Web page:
Whiteboarding (asking a candidate to write code on a white board during an interview) is a waste of time. Without going too much into the reasons and because enough was said already, I just want to highlight that this exercise is nothing like the Software Engineering job. Never in my 20 years in the industry I've seen anyone to write code on a white board. The actual code, with all its brackets and semicolons. I've been to Google's office with it writable walls everywhere - and seen no code. Nobody does that.
But Software Engineers constantly work with others code. We do code reviews every day. We dig through open source libraries. We suggest patterns to use. This what I've been using lately during the interviews.
I would give a candidate a few sheets of paper with real code on them. I would be using real world open source code, preferably a small one. There would be no missing commas. The code compiles and runs fine. But it is always wrong. Then I would ask the candidate to do a code review.
Going through this exercise provides a ton of information.
Does the person grasps the intent right away? This is a way better sign of the actual programming abilities than the speed of writing yet another breadth-first tree traversal routine.
Does the person starts from the small things - variable names and such - or from the big architectural observations? This will tell the style. Not that one is better than the other. But knowing which way the person approaches a new problem is invaluable.
And once the person inevitably suggests to refactor the code, you have a great conversation about the pros and cons of various patterns. Way better way to learn a developer's level, than observing her struggle to remember the order of arguments of memcpy() or java.lang.System.arraycopy().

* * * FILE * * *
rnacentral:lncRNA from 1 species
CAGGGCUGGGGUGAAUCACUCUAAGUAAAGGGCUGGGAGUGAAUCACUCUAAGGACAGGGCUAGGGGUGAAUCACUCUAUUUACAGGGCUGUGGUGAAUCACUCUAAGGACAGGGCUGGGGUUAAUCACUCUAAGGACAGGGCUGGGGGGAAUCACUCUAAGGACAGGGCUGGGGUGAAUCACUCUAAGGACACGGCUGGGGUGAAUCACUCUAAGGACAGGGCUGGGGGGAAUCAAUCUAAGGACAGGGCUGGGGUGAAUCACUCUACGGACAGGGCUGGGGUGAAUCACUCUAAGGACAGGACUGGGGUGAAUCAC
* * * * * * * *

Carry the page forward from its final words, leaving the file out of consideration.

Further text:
To give an example of the code I would use, consider this Apache Kafka class
It is just under 300 lines of code, containing 4 (!) classes and countless problems. It starts from the eternal "why messaging system has a Shell Execute feature at all?", and goes on into weak error handling, excessive buffering, mix of modern and deprecated classes (StringBuilder and StringBuffer both in the same file?), invalid escape routine in toString() and a method of capturing stderr copy-pasted from StackOVerflow (instead of using redirectErrorStream(true)).
Would your candidate write 200 lines of code on a white board? Of course not, it is not going to fit.
Would you have as much material for conversation? Would both of you be free of an adversary situation? By that I mean that neither of you is criticizing each other and hopefully neither feels an urge to defend any particular line in the code.
This has worked really well for me recently. So well, that I completely forgot all about the horrors of whiteboarding. Until I was asked to go through it recently. I had 4 whiteboarding sessions, all solving extremely boring and trivial problems while being grilled for the missing semicolons, variable names and such. If you ever seen my handwriting, especially on a whiteboard, you would understand that interviewers had hard time following what's written on the board. The best bit was when I wrote a unit test in Groovy for some Java code. The interviewer was totally in the dark. What's invokedynamic? Does this even compile? Wait, no interface or an abstract class needed to accommodate a mock in the unit test? This can't be right. If there was an IDE, I could've run it and showed it to him. But it was just a whiteboard and he left the room shaking his head.
I walked out of the sessions knowing that I will not be back. Not only because of the whiteboarding of course. The company managed to loose my CV along the process several times and totally butchered the interview day. The recruiter was not even there. The interviewers were absolutely unprepared for the interview and were asking the questions from the list - constantly worrying about repeating a question already asked. Not a single one of them had any spark of interest in me, code or the questions. It was like a dental appointment. It feels good when it's over.
This kind of a company does whiteboarding. Would you want to work for one?